Rode VideoMic design flaw

I picked up a Rode VideoMic a few months ago, and I tried using it on some shoots. However, I noticed a horrible amount of handling noise whenever I used it, which I attributed (mistakenly, it turns out) to the mic being very sensitive to my fingers on the camera controls. I even bought the expensive Rode VideoMic handle, to try it handheld, and that didn’t help. So I stopped using it, because I couldn’t get any clean audio whenever I used it. But today, I discovered that it’s NOT my ham-handed fingers: there’s a problem with the shock mount.

Here’s how I figured it out. Today I was testing my iPhone with a mic adapter, the KM-IPHONE-MIC from, which makes it possible to use external, self-powered mics with the iPhone. Just for grins I thought I’d test it out with my idle Rode VideoMic. Guess what I discovered? I got the same horrible handling noise as before, only this time, I had the mic in a controlled environment.

So where is all the handling noise coming from? From the shock mount. All those tiny rubber bands emit audible creaks. And it’s bad. Worse than useless, in my opinion: the Rode VideoMic introduces unwanted noise that otherwise wouldn’t be there.

Listen for yourself:

Am I the only person in the DSLR universe who has this problem? Is it possible that my unit is defective? Does the rubber on the feet age quickly and need to be replaced? How’s your Rode VideoMic working out?

**Update: I ordered a set of new silicon bands for the shock mount, and after replacing them, the mic is blessedly quiet. But I’m still not crazy about the fact that they had to be replaced inside of a year of very light use. That feels like a design flaw to me. The VideoMic should come with the following disclaimer: note that you will need to replace the bands frequently.

18 thoughts on “Rode VideoMic design flaw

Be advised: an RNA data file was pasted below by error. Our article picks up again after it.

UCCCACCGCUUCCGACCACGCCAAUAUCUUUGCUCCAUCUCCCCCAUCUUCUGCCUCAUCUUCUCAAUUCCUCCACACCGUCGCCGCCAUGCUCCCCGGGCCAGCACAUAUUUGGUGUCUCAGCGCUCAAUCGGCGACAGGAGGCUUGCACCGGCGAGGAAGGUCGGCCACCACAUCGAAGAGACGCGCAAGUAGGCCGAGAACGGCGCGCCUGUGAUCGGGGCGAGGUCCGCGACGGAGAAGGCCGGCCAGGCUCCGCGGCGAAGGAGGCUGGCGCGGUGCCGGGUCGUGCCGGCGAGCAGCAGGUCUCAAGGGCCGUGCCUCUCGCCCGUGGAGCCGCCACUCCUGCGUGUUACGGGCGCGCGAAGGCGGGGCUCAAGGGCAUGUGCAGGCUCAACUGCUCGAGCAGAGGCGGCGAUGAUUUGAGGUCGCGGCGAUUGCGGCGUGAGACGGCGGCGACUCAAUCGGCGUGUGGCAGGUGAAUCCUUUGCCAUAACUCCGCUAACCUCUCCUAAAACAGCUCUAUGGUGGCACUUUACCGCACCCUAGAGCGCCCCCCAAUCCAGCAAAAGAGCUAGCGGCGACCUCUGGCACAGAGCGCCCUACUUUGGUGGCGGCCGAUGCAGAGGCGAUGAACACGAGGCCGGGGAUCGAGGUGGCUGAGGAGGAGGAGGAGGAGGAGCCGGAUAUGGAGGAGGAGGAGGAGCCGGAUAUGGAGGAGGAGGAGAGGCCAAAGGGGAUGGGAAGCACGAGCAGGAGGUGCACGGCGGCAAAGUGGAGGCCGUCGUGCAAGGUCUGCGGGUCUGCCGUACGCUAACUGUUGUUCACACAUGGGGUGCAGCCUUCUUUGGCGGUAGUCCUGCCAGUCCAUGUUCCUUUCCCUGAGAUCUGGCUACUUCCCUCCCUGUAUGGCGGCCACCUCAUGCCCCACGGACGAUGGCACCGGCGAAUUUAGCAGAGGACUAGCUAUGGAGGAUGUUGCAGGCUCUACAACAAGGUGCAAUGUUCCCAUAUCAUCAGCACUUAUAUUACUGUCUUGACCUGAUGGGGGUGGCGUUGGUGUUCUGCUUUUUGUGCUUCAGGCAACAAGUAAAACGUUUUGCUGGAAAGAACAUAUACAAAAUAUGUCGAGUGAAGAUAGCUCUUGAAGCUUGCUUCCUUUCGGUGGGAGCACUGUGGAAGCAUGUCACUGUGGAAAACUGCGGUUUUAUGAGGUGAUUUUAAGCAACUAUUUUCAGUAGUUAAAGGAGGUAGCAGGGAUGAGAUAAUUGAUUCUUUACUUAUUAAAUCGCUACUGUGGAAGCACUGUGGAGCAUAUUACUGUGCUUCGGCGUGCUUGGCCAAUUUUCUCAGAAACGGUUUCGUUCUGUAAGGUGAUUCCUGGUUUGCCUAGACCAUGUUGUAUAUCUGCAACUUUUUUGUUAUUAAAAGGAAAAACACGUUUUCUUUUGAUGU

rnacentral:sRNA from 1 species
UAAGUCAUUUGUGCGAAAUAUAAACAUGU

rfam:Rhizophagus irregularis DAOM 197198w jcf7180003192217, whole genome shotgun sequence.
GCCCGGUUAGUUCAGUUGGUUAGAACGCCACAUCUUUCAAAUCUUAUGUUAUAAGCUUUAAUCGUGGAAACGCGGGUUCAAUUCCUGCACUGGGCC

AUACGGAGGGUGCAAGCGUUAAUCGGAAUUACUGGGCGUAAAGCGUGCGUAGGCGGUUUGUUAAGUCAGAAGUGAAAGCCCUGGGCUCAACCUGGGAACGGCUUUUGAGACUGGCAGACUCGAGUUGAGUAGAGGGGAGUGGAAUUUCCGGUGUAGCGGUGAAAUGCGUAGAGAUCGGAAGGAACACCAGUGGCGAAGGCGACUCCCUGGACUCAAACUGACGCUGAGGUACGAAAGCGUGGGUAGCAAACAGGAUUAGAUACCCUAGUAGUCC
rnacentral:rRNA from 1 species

1. Dan

        Ah ha. The culprit is indeed aging rubber feet. Doubling them up didn’t solve it, but replacing the “old” ones with “new” ones ALMOST did. The problem is, the mic is less than a year old, so I have a hard time calling them “old.” If I have to replace the rubber on them this quickly, I call this a design problem. Also, there’s still a tiny bit of remaining noise being generated, probably because I had only 7 of the 8 replacement bands, so one of the old ones is still making its voice heard.

  1. Chris

    I have been having this problem as well and even with a fresh pair of the RODE bands, I still notice “squeaky” handling noise, especially with the added weight of RODE’s dead cat.

    A bit of poking around and I’ve discovered adding a bit of silicone lube or cooking oil to the bands remedies most noise. And if you need new bands in a pinch, you can use half-inch (12mm) O rings.

    I bought some o-rings this weekend and put some silicone grease on them. I did notice a bit of of noise when the Northeastern Montana wind really took hold of my mic, but it was much better than the set of RODE bands I had on there.


    Nice site by the way, stumbled upon you when looking into the H1 as an alternative to buying an H4. Used the H1 with my Videomic this weekend and it is a perfect pairing until I decide I want a more elaborate setup.

    1. Dan McComb